1st XV Match Report V Bristol (a) Fri 28/09/2012 

 

Match Details

 

Venue

The Memorial Stadium

Attendance

4,797

Referee

Ross Campbell

Kick Off

7.45pm

 

Teams

 

Bristol

21 – 22

Moseley

T

David McIlwaine

15

Oliver Thomas

C

 

Ryan Edwards

14

Simon Hunt

 

 

Luke Eves

13

Greg King

 

 

Benjamin Mosses

12

Charlie Hayter

Y T

 

Matthew Williams

11

Bradley Hunt

 

P P C P

Tristan Roberts

10

Glyn Hughes

T T C P

 

Te Ruki Tipuna

9

Samuel Brown

 

 

William Davis

1

Ethan Waller

 

 

Rhys Lawrence

2

Adam Caves

 

 

Bruce Douglas

3

Craig Voisey

 

Y

Mariano Sambucetti

4

Buster Lawrence

 

 

Glen Townson

5

Addison Lockley

 

 

Iain Grieve

6

Neil Mason

 

 

Redford Pennycook

7

Oliver Robinson

 

T

Mitchell Eadie

8

Ben Pienaar

Y

Replacements

 

Thomas Channon

16

Sam Wilkes

 

 

Mark Lilley

17

Charles Meddick

 

 

Wayne Thompson

18

Liam Mather

 

 

Benjamin Glynn

19

Nigel Burrows

Y

 

Stephen Uren

20

Alex Day

 

 

James Grindal

21

Anthony Carter

 

 

Matthew Jones

22

William Robinson

 

 

 

Match Report

by Brian Dick, Birmingham Post

 

In New Zealand, the country that has come closer to rugby fulfilment than any other, there is a phenomenon known as 'Paper Towns'.

 

The concept dates from the 19th Century and the years of settlement when pioneers journeyed from the Old World to the New in search of a healthier, wealthier life.

 

 To lure immigrants to undeveloped parts of the colony, towns were added to maps before they were actually constructed, indeed - a bit like Moseley's mythical 5,000-seater stand, they never got beyond the planning stage. They were towns on paper alone.

 

And so Kevin Maggs's eclectically-assembled back-line was beginning to look like a Paper Threequarter Cordon. Something we've heard a lot about without ever actually witnessing.

 

The multitudinous talents of will-o'-the-wisp fly half Glyn Hughes, cleaving midfielder Charlie Hayter, wrecking ball centre Greg King and silk-smooth wing Simon Hunt were brought together to form a mouth watering prospect. On paper, at least.

 

And so the first four games of the new RFU Championship season passed with those reputations fizzling rather than firing, the odd piece of individual brilliance papering over otherwise disappointing collective efforts.

 

But with ten minutes remaining in this incident-packed Friday knockabout all that changed as Moseley, 21-12 down and seemingly out, launched a devil-may-care attack from a scrum near their own line.

 

The ball was whizzed through their hands, each pass timed to perfection to create a gap and usher a rampaging team-mate through it that rendered Bristol's presence meaningless.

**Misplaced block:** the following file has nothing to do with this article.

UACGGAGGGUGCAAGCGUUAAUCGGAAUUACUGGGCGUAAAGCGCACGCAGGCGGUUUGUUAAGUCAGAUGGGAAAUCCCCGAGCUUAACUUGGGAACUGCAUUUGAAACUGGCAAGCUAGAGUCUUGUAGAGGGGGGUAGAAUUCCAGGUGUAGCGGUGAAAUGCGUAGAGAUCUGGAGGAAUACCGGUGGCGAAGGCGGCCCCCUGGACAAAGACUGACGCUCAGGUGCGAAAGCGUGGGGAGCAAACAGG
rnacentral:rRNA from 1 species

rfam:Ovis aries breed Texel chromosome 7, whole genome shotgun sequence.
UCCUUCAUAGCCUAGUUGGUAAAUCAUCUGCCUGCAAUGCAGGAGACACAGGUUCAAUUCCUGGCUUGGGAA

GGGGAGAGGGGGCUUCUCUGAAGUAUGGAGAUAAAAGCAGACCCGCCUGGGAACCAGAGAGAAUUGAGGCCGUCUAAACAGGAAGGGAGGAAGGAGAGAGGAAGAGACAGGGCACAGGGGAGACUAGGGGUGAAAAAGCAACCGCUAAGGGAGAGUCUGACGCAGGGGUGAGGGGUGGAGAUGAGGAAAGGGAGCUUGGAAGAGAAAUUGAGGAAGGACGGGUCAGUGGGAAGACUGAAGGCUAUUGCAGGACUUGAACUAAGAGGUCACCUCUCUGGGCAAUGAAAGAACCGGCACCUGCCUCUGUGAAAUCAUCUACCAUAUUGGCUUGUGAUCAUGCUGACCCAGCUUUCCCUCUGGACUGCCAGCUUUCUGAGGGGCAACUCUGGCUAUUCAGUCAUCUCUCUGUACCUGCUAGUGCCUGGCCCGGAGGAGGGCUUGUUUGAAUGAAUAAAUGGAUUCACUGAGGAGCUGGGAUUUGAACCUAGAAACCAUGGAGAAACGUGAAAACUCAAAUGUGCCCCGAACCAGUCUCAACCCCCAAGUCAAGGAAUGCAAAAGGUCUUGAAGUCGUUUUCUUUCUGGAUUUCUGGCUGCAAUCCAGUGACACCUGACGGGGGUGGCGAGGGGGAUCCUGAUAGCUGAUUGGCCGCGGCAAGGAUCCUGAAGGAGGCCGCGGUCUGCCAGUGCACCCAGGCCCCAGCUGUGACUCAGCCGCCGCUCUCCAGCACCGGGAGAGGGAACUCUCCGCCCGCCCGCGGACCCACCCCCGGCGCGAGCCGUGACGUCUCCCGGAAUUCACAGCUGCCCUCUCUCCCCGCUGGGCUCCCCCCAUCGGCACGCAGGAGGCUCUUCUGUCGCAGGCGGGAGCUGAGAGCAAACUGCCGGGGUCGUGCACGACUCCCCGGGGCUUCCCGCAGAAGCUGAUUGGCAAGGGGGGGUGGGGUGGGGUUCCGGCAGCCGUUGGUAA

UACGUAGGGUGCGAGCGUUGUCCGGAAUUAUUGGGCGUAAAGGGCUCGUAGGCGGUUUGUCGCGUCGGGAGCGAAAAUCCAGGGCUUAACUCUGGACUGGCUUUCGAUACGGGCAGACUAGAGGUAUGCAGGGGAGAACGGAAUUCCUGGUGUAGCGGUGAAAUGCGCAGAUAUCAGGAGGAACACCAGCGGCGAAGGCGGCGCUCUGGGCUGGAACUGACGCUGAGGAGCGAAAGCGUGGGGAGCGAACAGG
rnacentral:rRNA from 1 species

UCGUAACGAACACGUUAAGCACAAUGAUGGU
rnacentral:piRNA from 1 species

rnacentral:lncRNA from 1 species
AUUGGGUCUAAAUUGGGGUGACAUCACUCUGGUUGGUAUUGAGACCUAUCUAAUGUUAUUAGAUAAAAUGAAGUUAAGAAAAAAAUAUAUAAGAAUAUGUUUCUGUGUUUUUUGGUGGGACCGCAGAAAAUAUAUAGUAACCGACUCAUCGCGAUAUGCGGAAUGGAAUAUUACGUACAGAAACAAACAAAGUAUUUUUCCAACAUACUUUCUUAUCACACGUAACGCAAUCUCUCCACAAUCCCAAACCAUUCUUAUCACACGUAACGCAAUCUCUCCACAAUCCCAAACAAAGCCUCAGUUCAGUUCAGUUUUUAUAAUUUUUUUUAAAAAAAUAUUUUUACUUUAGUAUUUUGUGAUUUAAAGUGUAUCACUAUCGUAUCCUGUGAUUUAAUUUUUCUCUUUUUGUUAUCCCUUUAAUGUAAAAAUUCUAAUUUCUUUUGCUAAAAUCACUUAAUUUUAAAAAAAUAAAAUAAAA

Hughes, to Hayter, to King, to Hunt. Hughes again on half way and back to Hayter at such a spiteful, merciless angle that no Blue and White striped shirt could get near him. "That was try of the season," purred the head coach as paper, turned to scissors turned to stone and Bristol were rocked on their heels.

 

Hughes, back to his impish best, converted and then added a last minute penalty after the glass-jawed home side went off their feet in front of their sticks. Mentally they were shot.

 

Moseley had their second win of the campaign, one of their most impressive for several seasons and the much-vaunted back-line was no longer dangerous on paper alone.

 

Hughes will rightfully take most of the plaudits, as well as making a couple of breaks for Hayter's score, he made two others that led to tries for himself.

 

He also overcame a couple of missed goals to finish with three from five attempts and a personal haul of 17 points and finally resembled the assured young man who came, dual-registered from Northampton Saints last term.

 

Moseley are 20 per cent better when the 20-year-old plays as he did here.

 

But even this morale-boosting performance would not have been possible without a quite breath-taking effort from the kiddies up front.

 

With Addison Lockley and Buster Lawrence leading the way to the sweetie-shop Moseley's energy levels were in stark contrast to the begrudging displays of a few weeks ago. The boys are growing into men.

 

And there is still much scope to improve. Maggs pointed out afterwards that Moseley's tries were still a bit smash and grab, not the product of calculated multi-phase play.

 

Even so, with its new-found solidity Mose's back-line showed that one-phase is enough.

 

 

The Game as it Happened

  

 

Min

Score

 

Pen Tristan Roberts

07

3 - 0

 

 

24

3 - 5

Try Glyn Hughes

 

24

3 - 5

Miss Con Oliver Thomas

 

28

3 - 5

Yellow Card Charlie Hayter

Miss Pen Tristan Roberts

29

3 - 5

 

Yellow Card Mariano Sambucetti

30

3 - 5

 

 

30

3 - 5

Yellow Card Ben Pienaar

Pen Tristan Roberts

34

6 - 5

 

 

36

6 - 5

Miss Pen Oliver Thomas

 

38

6 - 5

Miss Pen Oliver Thomas

 

40

6 - 5

Miss Pen Glyn Hughes

Try David McIlwaine

47

11 - 5

 

Miss Con Tristan Roberts

47

11 - 5

 

Rep Wayne Thompson For Bruce Douglas (Tactical)

52

11 - 5

 

Pen Tristan Roberts

54

14 - 5

 

 

56

14 - 5

Rep Alex Day For Samuel Brown (Tactical)

 

56

14 - 5

Rep Sam Wilkes For Adam Caves (Tactical)

Rep Benjamin Glynn For Mariano Sambucetti (Tactical)

58

14 - 5

 

Rep Mark Lilley For William Davis (Tactical)

58

14 - 5

 

Try Mitchell Eadie

60

19 - 5

 

Con Tristan Roberts

60

21 - 5

 

 

61

21 - 5

Rep Nigel Burrows For Ben Pienaar (Injury)

 

65

21 - 10

Try Glyn Hughes

 

65

21 - 12

Con Oliver Thomas

 

70

21 - 12

Rep Anthony Carter For Oliver Thomas (Tactical)

 

70

21 - 12

Rep William Robinson For Bradley Hunt (Tactical)

 

71

21 - 17

Try Charlie Hayter

 

71

21 - 19

Con Glyn Hughes

 

74

21 - 19

Yellow Card Nigel Burrows

 

74

21 - 19

Rep Charles Meddick For Ethan Waller (Tactical)

 

82

21 - 22

Pen Glyn Hughes